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Recovery Counselors Make Life Changing Phone Calls

An organization called SOS Recovery Community is helping their local addicts while they enter their treatment phase.

They make over 200 calls each week giving those in need support and access to useful resources.

“We let them know that we’re here and we care,” said Laina Reavis, ‘an SOS employee who runs the organization’s Dover location where the TRSS is located.’

The team of volunteers encourage addicts to come in to one of their three centers. They can discuss their situation with others in recovery and get the guidance they need to get through their recovery successfully.

Regardless of the many reasons one may not be able to get to a center, the volunteers do all they can to help these people find a way.

Deirdre Boryszewski has been in recovery for 15 years from alcoholism. She is now an SOS volunteer who has found a passion in helping people. She explained how she found success in her recovery through the people who surrounded her during that time.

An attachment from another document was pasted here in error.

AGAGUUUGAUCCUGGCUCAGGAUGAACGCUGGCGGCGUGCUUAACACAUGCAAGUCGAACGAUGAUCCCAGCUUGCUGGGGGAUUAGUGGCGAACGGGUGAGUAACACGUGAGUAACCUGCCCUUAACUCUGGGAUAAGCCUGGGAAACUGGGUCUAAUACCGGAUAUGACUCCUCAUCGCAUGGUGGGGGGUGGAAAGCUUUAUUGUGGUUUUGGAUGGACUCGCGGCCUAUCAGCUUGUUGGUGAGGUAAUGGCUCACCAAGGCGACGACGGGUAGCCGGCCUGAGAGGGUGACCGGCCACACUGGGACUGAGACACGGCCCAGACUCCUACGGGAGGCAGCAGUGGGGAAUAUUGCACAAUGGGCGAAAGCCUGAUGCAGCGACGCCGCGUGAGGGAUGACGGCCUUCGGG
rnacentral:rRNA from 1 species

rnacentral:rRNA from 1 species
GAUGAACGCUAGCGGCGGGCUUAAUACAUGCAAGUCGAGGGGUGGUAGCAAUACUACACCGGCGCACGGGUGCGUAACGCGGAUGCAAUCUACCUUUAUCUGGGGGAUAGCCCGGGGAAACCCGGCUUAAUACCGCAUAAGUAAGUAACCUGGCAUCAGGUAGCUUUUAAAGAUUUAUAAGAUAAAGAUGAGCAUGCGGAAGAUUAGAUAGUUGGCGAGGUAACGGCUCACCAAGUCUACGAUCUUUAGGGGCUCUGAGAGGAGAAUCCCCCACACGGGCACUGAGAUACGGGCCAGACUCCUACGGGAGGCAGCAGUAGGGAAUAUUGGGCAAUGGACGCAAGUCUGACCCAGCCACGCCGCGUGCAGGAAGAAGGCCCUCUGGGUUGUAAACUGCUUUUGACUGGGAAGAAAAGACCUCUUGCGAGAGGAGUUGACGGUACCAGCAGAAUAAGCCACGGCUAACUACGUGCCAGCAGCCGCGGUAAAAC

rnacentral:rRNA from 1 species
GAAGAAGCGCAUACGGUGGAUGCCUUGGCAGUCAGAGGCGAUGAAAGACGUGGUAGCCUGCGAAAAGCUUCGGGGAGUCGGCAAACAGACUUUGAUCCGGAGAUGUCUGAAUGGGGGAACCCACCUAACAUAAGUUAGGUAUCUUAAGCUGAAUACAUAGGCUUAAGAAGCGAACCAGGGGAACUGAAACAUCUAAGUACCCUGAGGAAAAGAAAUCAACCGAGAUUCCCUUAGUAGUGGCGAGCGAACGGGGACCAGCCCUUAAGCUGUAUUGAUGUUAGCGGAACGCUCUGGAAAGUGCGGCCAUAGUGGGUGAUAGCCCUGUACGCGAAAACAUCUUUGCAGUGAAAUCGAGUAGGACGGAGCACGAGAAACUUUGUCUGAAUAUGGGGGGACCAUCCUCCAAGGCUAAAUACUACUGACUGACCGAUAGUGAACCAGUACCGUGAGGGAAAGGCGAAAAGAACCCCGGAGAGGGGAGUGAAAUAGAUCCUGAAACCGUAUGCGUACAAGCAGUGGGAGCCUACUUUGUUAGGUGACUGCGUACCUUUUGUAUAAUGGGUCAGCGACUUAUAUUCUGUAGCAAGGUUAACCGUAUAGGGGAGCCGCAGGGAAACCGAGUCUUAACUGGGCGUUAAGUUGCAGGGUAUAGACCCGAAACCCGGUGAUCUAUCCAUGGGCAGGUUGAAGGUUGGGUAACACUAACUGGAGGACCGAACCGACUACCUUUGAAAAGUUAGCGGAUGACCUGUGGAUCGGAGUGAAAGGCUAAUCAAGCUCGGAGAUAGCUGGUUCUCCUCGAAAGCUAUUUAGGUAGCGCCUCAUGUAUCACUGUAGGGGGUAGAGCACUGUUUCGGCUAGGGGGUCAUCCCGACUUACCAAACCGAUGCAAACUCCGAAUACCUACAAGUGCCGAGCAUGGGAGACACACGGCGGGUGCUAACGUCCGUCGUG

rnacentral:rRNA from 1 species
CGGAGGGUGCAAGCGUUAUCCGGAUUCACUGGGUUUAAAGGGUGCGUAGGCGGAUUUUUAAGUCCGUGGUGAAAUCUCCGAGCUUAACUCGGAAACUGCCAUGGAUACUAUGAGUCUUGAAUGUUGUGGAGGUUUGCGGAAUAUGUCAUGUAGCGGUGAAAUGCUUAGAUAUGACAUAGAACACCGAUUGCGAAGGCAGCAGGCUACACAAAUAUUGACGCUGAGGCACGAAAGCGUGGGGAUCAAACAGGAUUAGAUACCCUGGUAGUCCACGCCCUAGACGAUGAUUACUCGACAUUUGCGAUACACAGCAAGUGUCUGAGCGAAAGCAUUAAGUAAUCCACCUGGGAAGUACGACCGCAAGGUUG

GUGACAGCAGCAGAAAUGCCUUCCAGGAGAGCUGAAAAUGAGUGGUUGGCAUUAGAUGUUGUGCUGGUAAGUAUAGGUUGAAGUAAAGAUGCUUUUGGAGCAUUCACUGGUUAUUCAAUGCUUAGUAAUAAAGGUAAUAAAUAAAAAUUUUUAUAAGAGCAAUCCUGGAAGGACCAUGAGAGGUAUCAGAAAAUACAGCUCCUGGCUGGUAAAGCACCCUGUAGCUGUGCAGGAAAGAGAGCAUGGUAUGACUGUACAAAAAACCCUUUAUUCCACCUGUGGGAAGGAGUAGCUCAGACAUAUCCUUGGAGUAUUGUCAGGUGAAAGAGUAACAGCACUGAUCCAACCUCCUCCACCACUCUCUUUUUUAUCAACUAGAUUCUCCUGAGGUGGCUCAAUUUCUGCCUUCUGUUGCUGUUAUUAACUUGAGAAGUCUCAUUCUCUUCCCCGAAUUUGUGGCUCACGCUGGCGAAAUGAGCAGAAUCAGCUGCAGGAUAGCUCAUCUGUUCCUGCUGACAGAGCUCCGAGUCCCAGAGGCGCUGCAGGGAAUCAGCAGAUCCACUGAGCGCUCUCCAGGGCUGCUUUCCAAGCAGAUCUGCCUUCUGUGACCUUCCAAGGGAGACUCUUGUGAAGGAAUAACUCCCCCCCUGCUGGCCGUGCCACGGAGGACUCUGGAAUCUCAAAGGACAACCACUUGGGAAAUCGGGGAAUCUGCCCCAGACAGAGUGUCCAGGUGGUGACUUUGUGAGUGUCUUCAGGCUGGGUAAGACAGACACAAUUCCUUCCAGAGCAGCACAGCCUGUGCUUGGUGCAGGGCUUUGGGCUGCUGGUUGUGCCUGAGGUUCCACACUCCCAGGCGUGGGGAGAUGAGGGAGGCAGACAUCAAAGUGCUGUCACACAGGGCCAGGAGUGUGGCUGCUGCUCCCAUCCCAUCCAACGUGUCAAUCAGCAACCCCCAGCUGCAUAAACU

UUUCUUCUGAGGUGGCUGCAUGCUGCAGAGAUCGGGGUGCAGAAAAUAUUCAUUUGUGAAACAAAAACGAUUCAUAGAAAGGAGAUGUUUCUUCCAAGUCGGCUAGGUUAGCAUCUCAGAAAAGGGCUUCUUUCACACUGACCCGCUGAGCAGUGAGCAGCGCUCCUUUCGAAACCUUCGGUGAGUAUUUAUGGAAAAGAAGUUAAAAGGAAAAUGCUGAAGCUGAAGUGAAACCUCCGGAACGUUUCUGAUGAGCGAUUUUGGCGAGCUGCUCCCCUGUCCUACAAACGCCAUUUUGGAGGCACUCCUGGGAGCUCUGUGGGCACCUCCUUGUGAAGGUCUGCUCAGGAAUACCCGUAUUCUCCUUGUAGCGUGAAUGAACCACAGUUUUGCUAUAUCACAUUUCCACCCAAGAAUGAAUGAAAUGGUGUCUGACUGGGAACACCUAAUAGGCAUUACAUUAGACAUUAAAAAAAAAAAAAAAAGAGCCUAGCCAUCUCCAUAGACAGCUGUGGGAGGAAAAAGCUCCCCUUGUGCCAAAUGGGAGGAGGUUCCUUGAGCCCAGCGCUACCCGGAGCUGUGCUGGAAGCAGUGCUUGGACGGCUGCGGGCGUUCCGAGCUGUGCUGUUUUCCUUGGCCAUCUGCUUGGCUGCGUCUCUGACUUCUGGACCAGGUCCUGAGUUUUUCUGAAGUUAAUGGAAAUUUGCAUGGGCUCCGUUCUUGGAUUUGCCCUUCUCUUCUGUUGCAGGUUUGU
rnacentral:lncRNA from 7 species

Recently she made a call to a woman who was having a tough day, and was able to discuss the situation with her and calm her down.

“Thank goodness you called. I’m having such a tough day,” the woman said.

She felt success in what she had done for the woman.

“It made me happy that I made her feel better and made her feel OK,” Boryszewski said.

The common goal for these calls is to get people in the doors of SOS so that they can assist them further in person.

“Sometimes a phone call is the first step,” she said.

Since 2016 Reavis has been a recovery coach. She too is in recovery from an opiate addiction, which she owes her sobriety to her 12 step program.

“SOS gave me a life worth living,” she said. “I feel like I can make a difference.”

It’s important as a counselor to be able to truly relate to the people they are trying to help.

She was able to connect with a man who was about to have his first sober meeting with his son.

He was “feeling all the emotions and the guilt that he put his son through when he was in active addiction.”

“I can relate to that because I had that situation with my mom,” Reavis said. “I was able to build back into an amazing, beautiful relationship once I got into recovery.” A few weeks ago she called the man after his visit. “We had a wonderful time getting to know each other all over again,” the man told her.

“I went home with an extra smile. It was a really great thing for me to hear,” she said.

SOS has a mission to “reduce stigma and harm associated with addictive disorders by providing safe space and peer-based supports for people in all stages of recovery”

This organization is part of Goodwin Community Health.

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